Authors don’t have specially strict notability guidelines. Any subject, author or otherwise, can meet WP:GNG (the general notability guideline, which asks for significant coverage in at least two reliable sources). In addition, authors can meet WP:ANYBIO or WP:AUTHOR, both of which are taken to show that such reliable sources almost certainly do exist.

    As to why there are notability guidelines at all, it’s a logical consequence of the verifiability and neutral point of view policies: wikipedia holds that if there are no independent sources, one cannot write a neutral article; if there are no reliable sources, one cannot write a verifiable article.

    As Heather Rose Jones points out, the problem with the notability guidelines is that things which don’t get coverage in reliable sources cannot therefore make it into wikipedia, which tends towards excluding, other things being equal, women, non-white people, African/Latin American/Asian topics, and queer topics. Many wikipedians would tell you that following the systemic biases of reliable sources is a feature, not a bug, however…

  20. Note that an article can be subject to deletion even if the subject is notable, if the article doesn’t assert that notability. (For example, an article about a Nobel Prize winner which neglects to mention the Nobel Prize…) Of course, such things are usually spotted early in the deletion discussion.

    Also (and I think this is particularly relevant in this case), an article which is sufficiently spammy may be subject to deletion no matter what!

    In any case, when bringing an article in for a deletion, it’s always an acceptable option to fix the problems. If possible. Deletion debates are frequently closed with a resolution of “problem fixed.” But, especially in the case of spamminess, if no one can be found who is willing to do the work, then the article may end up deleted even if the subject is totally notable.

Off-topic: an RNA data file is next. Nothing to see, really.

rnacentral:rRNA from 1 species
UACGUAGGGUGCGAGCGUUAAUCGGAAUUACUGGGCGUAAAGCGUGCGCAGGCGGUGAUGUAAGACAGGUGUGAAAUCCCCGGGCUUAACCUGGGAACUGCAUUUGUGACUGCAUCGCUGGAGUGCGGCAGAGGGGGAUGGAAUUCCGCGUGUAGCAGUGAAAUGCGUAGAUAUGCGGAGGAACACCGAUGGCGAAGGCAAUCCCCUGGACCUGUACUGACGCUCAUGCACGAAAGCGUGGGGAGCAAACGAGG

In any case, if an article is deleted for whatever reason, someone can always come along later and make a draft which addresses the issues which led to deletion, and request a review. After all, few people are born notable… 🙂

  21. @ Xtifr

    The examples of a Nobel prize winner not being notable enough for Wikipedia standards was not a thought experiment. Mind you, the rejection of the article on her occurred before she won the prize. But someone capable of winning a Nobel prize in science doesn’t spring full-formed from the ground overnight.

  22. @Heather —

    I think it’s worth reiterating that there’s a difference between whether the person is sufficiently notable and whether the article sufficiently documents that notability. Articles on the most notable person in the world might be taken down if the article doesn’t contain sufficient documentation.

    Wikipedia is edited by volunteers. It’s up to those volunteers to include adequate documentation. If they aren’t interested enough in the article to write and document it well, then the article really doesn’t belong there.

  23. @Hampus Eckerman: I guess that’s the way Tank Marmot rolls (if you’ll pardon the metaphor). FWIW, when I’ve found myself navigating the Wikipedia bureaucracy and dealing with its volunteer editors, I remembered (1) to treat the Wikipedians with courtesy and specifically thank them for their ongoing work on the encyclopaedia, and, equally important, (2) what the late Rep. Barbara Jordan said: ‘If you’re going to play the game properly, you’d better know every rule.’ E.g., when the Wikipedians tag an article for concerns about WP:GNG, WP:BASIC, WP:REF, or WP:SYNTH, if you care about the article, you look those terms up, make sure you understand them, and work on the perceived shortcoming.

    This almost always works. Who knew?

  24. Enchiladas Verdes (A great excuse to use green tomatoes or tomatillos)

    1 four oz can mild green chiles
    16 oz green tomatoes
    1 onion
    1 zuccini or yellow squash if desired
    1/4 cup heavy cream or half and half
    1/2 cup milk
    1 egg
    1 t ground coriander
    1 clove garlic
    salt and pepper to taste

    Blend all above ingredients together in blender until liquid.

    3 chicken breasts cooked and shredded Or about three cups of leftover shredded chicken
    1 onion, diced
    1 yellow squash or zuccini, diced, if desired
    (you can add green peppers, mushrooms, other veggies if desired)
    4 oz Neufchatel cream cheese
    1/4 Cup parmesan or Romano cheese
    salt and pepper to taste

    Mix all above ingredients together.

    1 package Corn tortillas

    Spray a 9 x 11 pan with cooking spray.

    Line pan with 1 layer of corn tortillas (you can tear a tortilla in half to help fit). Spread 1/4 of the sauce on the tortillas. Spread 1/3 of the chicken mixture on top of tortillas. Repeat. Pour remaining sauce on top. Cover pan with foil. Bake in 375 degree oven for 45 minutes. Remove foil for the last 10 minutes or so. It’s done when a knife comes out more or less clean.